The governing body for the game of cricket, the International Council of Cricket or the ICC shares its namesake with another global organisation, the International Criminal Court, or the ICC. And just as the latter organisation has been selectively biased in dispensing judgement against heads of state, so has the former adopted similar means.
The International Criminal Court is known for its bellicose during the Darfur crisis in Sudan, calling for Omar Al-Bashir’s arrest back in 2009 for accusations of genocide against Darfur residents. It blatantly ignored the mass genocide that had taken place in Iraq following the illegal invasion by US and its allies.
Millions had died, and many more had lost limbs and eyes in the mass bombings that the then US Secretary of Defence Donal Rumsfeld termed as “shock and awe’ tactics. To this day there is nary a peep for one of the greatest criminal acts of this century.
The court once again displayed its blatant hypocrisy by vilifications against Libyan leader Muammar Gaddafi in 2011, all the while ignoring the massacres that took place in Gaza back in 2002 and 2006 and engineered by the hardline Israeli Prime Minister Ariel Sharon.
Following another unwarranted incursion in Gaza in 2008, Israeli activist Gideon Levy was so incensed by what he had witnessed that he wrote: “When the cannons eventually fall silent, the time for questions and investigations will be upon us ... Then we will see the scope of the killing and destruction, the crammed cemeteries and overflowing hospitals, the thousands of wounded and physically disabled, and the destroyed houses that remain after this war.
“The questions that will beg to be asked, as cautiously as possible, are who is guilty and who is responsible. “The public, moral, and judicial test will be applied to the three Israeli statesmen who sent the Israel Defense Forces to war against a helpless population, one that did not even have a place to take refuge, in maybe the only war in history against a strip of land enclosed by a fence. It is inconceivable that they not be held to account for the bloodshed.”
Nobody in the ICC ever brought up the complicity of the three.
Such indeed were the deeply ingrained hypocritical elements of the ICC which only flexed its muscles when it came to African or Arab leaders and swiftly buried its neck in the sand when others were involved.
Usman Khawaja takes a stand
Now getting back to the other ICC, the cricketing board, that too has displayed a biased history particularly when it comes to players of Asian origins. This sporting body had traditionally been comprised mostly of whites in the upper ranks with a smattering of non-whites.
Fast forward to last month in Australia in which a non-white member of the Australian cricket team Usman Khawaja wanted to highlight the plight of the people of Gaza by displaying a humanitarian message on his equipment during a Test match and was abruptly denied by the International Cricket Council.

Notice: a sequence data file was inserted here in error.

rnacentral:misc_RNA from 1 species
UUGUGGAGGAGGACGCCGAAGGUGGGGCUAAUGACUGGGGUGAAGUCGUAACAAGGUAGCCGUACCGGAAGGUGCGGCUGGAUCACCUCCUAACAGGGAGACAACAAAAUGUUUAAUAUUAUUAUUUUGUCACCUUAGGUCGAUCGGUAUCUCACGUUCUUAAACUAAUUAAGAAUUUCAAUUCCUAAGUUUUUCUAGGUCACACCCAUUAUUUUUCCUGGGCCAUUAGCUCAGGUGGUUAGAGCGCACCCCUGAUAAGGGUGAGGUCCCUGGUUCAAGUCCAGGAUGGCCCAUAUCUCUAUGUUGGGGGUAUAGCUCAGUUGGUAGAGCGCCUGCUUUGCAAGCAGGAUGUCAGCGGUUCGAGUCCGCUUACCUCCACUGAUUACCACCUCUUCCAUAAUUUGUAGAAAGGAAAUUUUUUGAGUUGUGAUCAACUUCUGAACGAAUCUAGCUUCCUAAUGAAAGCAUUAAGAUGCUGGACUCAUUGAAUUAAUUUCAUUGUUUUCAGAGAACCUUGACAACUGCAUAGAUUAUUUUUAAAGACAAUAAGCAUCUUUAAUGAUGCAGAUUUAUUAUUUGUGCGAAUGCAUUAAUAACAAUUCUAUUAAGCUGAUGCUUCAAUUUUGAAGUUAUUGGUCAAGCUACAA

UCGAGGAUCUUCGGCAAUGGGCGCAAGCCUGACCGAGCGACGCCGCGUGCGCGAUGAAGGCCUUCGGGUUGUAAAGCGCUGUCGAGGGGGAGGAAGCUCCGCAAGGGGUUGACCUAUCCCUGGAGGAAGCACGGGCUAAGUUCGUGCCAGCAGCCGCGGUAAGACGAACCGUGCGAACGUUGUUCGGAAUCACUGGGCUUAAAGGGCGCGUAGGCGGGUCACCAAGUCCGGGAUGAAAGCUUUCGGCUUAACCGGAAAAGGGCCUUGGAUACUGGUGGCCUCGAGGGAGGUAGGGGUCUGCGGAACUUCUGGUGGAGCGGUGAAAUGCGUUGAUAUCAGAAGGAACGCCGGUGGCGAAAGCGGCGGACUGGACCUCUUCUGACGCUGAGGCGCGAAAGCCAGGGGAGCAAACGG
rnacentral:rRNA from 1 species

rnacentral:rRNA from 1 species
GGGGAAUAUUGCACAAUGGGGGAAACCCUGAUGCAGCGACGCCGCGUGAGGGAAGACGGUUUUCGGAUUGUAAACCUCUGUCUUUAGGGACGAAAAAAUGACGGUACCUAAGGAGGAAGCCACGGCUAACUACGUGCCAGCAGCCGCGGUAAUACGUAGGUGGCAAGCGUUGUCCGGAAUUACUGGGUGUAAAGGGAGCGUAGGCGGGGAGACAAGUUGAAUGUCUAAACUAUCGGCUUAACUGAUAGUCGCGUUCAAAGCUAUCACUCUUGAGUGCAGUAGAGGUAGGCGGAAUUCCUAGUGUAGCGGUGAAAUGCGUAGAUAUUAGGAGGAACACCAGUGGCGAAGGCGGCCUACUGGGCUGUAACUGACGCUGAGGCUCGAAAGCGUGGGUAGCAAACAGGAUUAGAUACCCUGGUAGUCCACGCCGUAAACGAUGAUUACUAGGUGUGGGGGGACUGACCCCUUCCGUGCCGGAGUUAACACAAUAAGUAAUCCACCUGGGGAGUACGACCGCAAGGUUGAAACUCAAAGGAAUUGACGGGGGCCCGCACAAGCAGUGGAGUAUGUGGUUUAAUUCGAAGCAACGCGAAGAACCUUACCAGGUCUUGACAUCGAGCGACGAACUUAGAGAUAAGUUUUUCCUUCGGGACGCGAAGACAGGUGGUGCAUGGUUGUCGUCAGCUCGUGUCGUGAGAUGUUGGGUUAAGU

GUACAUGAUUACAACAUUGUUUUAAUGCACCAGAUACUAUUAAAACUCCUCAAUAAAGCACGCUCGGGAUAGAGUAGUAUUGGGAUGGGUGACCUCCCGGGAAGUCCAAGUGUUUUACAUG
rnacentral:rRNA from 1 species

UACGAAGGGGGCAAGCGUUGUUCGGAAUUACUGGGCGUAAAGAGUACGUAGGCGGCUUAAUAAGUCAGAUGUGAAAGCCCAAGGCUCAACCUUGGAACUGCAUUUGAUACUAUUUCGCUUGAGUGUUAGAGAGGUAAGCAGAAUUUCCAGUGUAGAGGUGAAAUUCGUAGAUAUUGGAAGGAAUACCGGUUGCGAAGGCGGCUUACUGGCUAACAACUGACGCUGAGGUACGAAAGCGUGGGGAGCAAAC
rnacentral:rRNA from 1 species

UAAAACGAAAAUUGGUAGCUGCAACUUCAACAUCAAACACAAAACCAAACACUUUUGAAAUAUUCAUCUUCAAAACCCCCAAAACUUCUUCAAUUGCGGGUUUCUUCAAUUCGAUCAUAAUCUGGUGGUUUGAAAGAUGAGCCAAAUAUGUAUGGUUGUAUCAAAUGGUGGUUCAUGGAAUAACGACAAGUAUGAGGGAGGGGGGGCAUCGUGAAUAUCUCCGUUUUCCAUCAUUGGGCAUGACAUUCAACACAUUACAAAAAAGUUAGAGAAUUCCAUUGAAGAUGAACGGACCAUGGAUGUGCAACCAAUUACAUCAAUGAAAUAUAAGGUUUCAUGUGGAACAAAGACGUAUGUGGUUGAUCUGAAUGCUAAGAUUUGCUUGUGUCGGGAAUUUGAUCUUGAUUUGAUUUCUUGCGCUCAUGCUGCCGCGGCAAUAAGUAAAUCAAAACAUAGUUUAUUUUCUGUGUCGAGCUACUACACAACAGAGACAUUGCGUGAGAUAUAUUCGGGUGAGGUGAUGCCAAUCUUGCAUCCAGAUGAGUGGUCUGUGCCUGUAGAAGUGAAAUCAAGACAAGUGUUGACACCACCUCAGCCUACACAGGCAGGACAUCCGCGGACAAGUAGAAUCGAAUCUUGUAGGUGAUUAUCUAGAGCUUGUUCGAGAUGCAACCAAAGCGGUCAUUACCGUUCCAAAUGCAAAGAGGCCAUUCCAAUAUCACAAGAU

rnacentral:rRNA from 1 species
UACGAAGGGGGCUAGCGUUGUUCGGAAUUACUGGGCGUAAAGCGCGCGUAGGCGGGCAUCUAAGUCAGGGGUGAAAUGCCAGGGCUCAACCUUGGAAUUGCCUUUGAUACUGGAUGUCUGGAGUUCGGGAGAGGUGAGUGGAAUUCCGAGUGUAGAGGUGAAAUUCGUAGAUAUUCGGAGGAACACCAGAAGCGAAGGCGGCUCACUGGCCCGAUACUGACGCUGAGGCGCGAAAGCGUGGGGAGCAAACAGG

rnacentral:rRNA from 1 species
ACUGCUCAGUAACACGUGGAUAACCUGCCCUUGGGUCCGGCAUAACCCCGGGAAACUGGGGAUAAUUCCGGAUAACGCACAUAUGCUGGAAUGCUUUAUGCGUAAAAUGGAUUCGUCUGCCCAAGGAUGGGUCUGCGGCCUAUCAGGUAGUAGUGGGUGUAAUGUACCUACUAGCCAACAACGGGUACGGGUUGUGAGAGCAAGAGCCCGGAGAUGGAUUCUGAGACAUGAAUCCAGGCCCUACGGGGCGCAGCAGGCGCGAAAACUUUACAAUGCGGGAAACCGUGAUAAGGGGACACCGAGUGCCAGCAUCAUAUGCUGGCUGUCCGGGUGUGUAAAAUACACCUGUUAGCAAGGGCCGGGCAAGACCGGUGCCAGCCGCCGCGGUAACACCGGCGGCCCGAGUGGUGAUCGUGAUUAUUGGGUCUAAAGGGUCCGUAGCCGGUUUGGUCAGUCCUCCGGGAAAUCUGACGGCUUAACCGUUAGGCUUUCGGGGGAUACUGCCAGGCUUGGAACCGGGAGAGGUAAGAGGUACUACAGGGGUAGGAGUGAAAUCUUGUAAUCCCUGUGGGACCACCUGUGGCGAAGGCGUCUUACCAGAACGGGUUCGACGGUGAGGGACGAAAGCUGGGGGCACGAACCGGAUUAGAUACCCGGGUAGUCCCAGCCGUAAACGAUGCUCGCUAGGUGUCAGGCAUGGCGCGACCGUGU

Australia’s opener was photographed with the image of a dove holding an olive branch — a universal symbol of peace — on the back of his bat. The image read: “All human beings are born free and equal in dignity and rights. They are endowed with reason and conscience and should act towards one another in a spirit of brotherhood.” The ICC in justifying the ban said. “Personal messages of this nature are not allowed as per Clause F of the Clothing and Equipment Regulations.”
Former West Indies cricketer and broadcasting legend, Michael Holding lambasted the ICC, “I have been following the Khawaja fiasco and I cannot say I am surprised by the ICC’s stance. If it had been most other organisations that showed some semblance of consistency with their attitude and behaviour on issues I could claim surprise, but not them. Once again, they show their hypocrisy and lack of moral standing as an organisation.”
Holding brought up past inconsistencies by the ICC when players across the globe had taken a knee to show their support during the Black Lives Matter, and the 2020 tour of England, the West Indies side had even worn ‘Black Lives Matter’ shirts. “The ICC regulations say re messaging ‘approval shall not be granted for messages which relate to political, religious or racial activities or causes’,” said Holding. “So how people were allowed to take a knee for BLM ...?”
Well, Holding. Khwaja was trying to bring to attention the plight of people who were not of the right colour or race.
Thus goes both organisations touting themselves as the ICC.
— Tariq A. Al Maeena is a Saudi sociopolitical commentator. He lives in Jeddah, Saudi Arabia. Twitter: @talmaeena